[Playlist] Hispanic Heritage Month

Avery Rosas, Sports Editor

The richness of Hispanic culture has long depended on its cornerstone – music. Classic boleras and baladas transcended romantic themes and possibilities during the 1940s and 50s. Cumbia and merengue overtook the dance floors of every party in Latin America. Salsa and bachata did the same at an earlier time. And today, Latino pop artists are seen dominating the mainstream music industry to a degree that no other Latin artist has reached before. From Pedro Infante and Los Panchos to Elvis Crespo and Bad Bunny, take a musical tour through the illustrious history of Hispanic heritage. 


– Clásicos –

Cien Años – Pedro Infante

Pedro Infante, famously dubbed the “King of Ranchera”, dominated Latin American radio and TV in the 1940s and 50s, in a time where romance interweaved with lyrics to form pure musical poetry. “Cien Años” (which translates to “one hundred years”), is the best song from the best singer of that era, and the perfect song to start off this list.

Sabor a Mí – Eydie Gorme with Trio Los Panchos

Eydie Gorme is not in any way known as an illustrious Spanish or Latin singer. However, her collaboration with Trio Los Panchos, who were a prominent name in Latin America during the 1950s and 60s, created one of the greatest romance albums in Hispanic history. The gentle yet masterful hands of Alfredo Gil and his requinto perfectly contrasted the power of Eydie Gorme’s voice in “Sabor a Mí”.

Ni Por Favor – Pedro Infante

Oh, is that Pedro Infante again? Yes, it is. And there is still more of him to come. This witty, slightly comical song about a breakup is a great example of Infante’s vocal versatility and making light of a particularly drab subject. As stated in the song, translated, he says “If you don’t love me, whatever!”

Sombras – Javier Solis with Trio Los Panchos

It has become abundantly clear that Trio Los Panchos makes everything a tad bit better, despite how great they were on their own. However, the main idea of this song is Javier Solis who, along with Pedro Infante (There he is again!) and Jorge Negrete, formed “The 3 Roosters” of Mexican (and Hispanic) music. It’s perhaps the best song from Solis, as difficult a task it may be to choose, but his elegant, strong voice accompanied by Los Panchos is on proud display in “Sombras”.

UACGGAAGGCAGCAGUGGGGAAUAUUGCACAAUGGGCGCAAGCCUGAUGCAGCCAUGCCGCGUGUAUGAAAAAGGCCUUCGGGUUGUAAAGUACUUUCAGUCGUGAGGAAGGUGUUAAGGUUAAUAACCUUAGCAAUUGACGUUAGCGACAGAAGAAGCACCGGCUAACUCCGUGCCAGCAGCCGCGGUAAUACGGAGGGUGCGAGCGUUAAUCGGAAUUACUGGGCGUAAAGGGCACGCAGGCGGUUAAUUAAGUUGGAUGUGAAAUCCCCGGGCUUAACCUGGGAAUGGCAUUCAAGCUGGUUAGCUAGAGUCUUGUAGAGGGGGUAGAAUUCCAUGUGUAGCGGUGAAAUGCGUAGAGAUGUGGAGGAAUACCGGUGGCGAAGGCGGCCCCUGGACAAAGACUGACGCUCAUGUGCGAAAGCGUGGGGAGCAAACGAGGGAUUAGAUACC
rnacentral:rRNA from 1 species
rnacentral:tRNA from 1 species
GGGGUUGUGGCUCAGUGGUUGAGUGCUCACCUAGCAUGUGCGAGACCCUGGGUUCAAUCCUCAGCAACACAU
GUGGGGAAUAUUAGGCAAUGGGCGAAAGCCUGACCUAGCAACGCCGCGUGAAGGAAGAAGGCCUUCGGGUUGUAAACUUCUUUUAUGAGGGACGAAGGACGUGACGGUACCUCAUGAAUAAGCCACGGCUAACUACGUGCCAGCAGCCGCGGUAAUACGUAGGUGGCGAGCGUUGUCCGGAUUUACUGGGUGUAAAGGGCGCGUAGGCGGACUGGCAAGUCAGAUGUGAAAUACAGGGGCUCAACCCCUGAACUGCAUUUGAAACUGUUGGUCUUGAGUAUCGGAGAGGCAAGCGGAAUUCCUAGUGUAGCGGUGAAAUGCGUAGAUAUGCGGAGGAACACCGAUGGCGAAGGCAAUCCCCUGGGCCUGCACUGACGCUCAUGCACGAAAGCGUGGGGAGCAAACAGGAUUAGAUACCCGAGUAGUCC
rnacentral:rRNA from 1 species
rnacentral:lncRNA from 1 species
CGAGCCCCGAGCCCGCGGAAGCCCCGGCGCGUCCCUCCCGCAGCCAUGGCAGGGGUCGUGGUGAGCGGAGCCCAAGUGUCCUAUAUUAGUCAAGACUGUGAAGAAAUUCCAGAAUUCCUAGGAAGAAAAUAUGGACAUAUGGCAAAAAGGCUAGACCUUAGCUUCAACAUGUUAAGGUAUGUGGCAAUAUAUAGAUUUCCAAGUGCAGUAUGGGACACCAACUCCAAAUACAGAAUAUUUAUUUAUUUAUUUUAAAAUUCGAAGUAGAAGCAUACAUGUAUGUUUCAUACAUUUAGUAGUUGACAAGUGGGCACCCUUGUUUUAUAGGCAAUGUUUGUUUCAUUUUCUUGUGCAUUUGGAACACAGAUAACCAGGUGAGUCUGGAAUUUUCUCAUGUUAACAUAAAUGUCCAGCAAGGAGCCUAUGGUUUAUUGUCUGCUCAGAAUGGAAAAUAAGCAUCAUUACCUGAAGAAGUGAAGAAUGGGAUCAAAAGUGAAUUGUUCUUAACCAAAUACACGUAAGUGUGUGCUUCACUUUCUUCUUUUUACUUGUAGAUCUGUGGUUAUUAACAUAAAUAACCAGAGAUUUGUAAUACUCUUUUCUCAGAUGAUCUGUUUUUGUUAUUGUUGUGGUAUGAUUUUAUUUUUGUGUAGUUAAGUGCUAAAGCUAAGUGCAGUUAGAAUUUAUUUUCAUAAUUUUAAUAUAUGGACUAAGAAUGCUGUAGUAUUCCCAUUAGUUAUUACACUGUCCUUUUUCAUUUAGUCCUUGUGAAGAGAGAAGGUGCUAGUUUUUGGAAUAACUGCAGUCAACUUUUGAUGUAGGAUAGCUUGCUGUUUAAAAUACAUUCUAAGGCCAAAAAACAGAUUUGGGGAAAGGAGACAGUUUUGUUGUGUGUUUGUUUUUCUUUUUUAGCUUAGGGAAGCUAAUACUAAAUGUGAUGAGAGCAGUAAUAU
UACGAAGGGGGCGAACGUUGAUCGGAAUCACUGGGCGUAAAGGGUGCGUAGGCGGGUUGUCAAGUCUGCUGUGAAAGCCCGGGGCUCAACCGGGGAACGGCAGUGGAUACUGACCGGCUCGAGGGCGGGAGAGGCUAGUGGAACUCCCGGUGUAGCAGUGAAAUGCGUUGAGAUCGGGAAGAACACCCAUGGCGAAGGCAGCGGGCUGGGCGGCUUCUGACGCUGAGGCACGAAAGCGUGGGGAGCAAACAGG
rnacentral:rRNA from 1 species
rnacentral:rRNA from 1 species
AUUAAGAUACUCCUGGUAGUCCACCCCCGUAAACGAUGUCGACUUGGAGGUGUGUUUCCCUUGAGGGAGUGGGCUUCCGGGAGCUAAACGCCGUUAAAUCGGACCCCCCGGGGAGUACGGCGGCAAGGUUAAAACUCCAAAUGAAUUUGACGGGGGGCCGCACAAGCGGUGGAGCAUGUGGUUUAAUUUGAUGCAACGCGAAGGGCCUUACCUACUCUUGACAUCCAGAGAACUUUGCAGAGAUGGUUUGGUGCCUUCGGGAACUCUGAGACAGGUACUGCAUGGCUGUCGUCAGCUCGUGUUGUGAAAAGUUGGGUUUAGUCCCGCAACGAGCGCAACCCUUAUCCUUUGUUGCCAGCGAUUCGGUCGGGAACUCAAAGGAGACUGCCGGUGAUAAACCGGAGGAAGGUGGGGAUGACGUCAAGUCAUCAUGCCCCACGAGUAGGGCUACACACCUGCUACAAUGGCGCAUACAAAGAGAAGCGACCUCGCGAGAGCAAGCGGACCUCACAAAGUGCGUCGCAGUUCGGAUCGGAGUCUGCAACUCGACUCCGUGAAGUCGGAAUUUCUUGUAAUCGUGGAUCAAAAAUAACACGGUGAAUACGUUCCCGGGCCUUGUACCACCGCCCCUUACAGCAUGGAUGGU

Tu Vida y Mi Vida – Pedro Infante

I’m not sorry. This eloquent song about the uniting of two souls moves past romance and partners and can be connected to any significant person in your life. Without getting too personal, the song that my mother and I will always share had to make its way on here somehow, even if the song is masterful in itself. 

– Música Tropical –

La Vida es Un Carnaval – Celia Cruz

Celia Cruz, the “Queen of Salsa” would never be left off of this list, with her most famous song highlighting the brighter side of life, a characteristic of the entire salsa genre. Her Cuban accent shines in any rendition of this song that you can find, and the message that follows it will never fail to put a smile on your face. Along with the rhythm and instrumentals that accompany her, Celia Cruz will live on in Latin history forever – more specifically, this song.

El Ladrón – La Sonora Santanera

Música Tropical peaked in the 1970s and 80s across Latin America with due reason. The trumpet and piano featured in the song are like a contagious disease that makes everyone around you start dancing, the only cure unfortunately being the song ending. 

Suavemente – Elvis Crespo

The world of merengue music would be in a very different place than it is today if not for Puerto Rican singer Elvis Crespo deciding to release what he figured would be a failure of a track; “Suavemente”, if nothing else, is a song that you are basically born with, knowing the lyrics as if they were an intrinsic Latino trait. This dangerously catchy and endlessly fun song makes your hips feel sore from dancing, but you probably won’t regret it at all.